When the sun is shining, there is energy to be made but up until recently in the United States, large-scale installations haven’t been a priority. Recent price drops in PV solar may be the beginning of the tipping point for mainstream adoption. A significant factor in this price drop has been China and its increase in comfort with manufacturing technology. The global superpower is looking for more technology intensive products, like solar panels, to manufacture, that can provide the higher wages that their growing middle class requires. With many high-tech products already being manufactured in China, such as RAM, computers, and smart devices, PV panels would be a logical fit. Currently, solar from China is $0.53 per watt produced but is projected to hit $0.42 per watt produced in 2015. With price-per-watt only recently being above $6.00, where will this price fall stop and what does it mean for other manufacturers trying to stay competitive?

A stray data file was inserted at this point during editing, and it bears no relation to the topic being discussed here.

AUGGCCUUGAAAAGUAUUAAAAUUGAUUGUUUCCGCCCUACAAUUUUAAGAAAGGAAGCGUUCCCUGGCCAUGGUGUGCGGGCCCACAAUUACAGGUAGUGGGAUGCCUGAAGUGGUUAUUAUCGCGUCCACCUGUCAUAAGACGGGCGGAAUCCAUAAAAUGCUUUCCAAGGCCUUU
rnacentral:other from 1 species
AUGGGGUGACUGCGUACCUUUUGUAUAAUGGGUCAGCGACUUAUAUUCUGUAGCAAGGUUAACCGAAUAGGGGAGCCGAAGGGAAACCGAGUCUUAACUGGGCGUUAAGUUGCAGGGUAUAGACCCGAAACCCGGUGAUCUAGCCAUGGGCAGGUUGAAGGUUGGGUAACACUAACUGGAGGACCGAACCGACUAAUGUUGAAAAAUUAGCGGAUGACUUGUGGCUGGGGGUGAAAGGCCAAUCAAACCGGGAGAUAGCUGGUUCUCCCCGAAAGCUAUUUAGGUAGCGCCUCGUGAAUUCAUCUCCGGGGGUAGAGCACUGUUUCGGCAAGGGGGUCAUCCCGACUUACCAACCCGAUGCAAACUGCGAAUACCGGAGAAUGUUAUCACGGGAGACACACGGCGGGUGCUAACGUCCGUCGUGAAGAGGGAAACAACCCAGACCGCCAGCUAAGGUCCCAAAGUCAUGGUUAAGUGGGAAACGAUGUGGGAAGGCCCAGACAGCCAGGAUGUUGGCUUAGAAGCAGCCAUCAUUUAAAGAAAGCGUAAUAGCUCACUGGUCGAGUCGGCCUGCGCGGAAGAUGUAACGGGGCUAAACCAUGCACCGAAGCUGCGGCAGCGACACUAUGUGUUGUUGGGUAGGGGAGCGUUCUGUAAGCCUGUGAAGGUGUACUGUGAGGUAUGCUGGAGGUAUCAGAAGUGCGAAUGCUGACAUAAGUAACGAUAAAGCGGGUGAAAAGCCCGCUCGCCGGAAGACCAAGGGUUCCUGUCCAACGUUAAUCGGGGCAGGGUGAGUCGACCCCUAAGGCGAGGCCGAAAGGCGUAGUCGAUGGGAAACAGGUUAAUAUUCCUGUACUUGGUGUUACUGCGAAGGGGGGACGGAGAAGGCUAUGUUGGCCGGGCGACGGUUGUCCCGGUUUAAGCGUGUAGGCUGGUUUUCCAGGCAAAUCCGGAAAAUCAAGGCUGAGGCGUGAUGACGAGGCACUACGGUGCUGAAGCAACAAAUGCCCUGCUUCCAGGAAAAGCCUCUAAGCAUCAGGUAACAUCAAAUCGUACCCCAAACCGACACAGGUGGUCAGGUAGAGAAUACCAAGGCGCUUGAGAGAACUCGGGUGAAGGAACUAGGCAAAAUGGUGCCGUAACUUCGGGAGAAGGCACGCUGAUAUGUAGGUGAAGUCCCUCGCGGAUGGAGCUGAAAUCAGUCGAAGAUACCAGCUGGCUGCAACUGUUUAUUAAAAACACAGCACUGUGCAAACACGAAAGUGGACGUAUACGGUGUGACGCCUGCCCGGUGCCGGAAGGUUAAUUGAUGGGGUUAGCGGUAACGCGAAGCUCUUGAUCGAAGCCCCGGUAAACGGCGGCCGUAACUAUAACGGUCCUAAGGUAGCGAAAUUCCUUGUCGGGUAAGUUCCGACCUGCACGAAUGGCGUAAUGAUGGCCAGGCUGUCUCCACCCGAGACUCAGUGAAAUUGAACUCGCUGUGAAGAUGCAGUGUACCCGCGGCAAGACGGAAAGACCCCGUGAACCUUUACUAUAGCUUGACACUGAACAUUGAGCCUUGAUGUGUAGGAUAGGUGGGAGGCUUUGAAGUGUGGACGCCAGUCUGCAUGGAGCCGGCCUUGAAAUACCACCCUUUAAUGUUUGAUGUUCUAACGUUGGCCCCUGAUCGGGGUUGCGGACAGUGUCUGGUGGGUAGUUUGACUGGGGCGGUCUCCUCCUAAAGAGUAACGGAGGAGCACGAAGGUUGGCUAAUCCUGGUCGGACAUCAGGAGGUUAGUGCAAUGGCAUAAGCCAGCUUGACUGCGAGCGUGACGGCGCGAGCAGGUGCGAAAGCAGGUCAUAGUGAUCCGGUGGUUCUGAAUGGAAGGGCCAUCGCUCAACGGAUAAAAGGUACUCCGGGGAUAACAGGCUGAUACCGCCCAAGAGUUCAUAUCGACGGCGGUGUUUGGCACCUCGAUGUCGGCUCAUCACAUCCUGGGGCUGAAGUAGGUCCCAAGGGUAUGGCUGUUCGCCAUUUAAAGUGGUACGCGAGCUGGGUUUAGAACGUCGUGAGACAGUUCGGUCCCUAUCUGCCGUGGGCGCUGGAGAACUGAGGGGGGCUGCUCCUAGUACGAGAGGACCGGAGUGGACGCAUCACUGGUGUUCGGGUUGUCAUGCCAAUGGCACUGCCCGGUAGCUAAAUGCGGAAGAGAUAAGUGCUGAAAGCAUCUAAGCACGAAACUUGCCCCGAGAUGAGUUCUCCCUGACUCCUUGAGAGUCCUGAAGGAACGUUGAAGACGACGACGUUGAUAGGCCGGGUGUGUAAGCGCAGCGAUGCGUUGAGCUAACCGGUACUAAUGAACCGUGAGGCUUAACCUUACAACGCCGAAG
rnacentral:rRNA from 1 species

For now, the U.S. has accused China of dumping and has imposed tariffs on the Red Giant. But why, if the price is falling, haven’t we seen major adoption? One of the key components domestically is the price paid for photo-voltaic installations. Compared to Germany, the U.S. is about four times expensive relatively for residential installation. Companies here in the United States recognize this flaw and have been emulating some techniques from across the pond to decrease the higher prices here.
Solar City, has emerged as a big player after a successful IPO, and already employ methods that streamline the installation process. Modular systems offer the ability to turn the renewable energy technology into plug-and-play systems for the homeowner. At the moment, this is just a pipe dream as there aren’t any widely available options to accessorize your home. That could be could changing, check out this pre-fab solar house in Spain.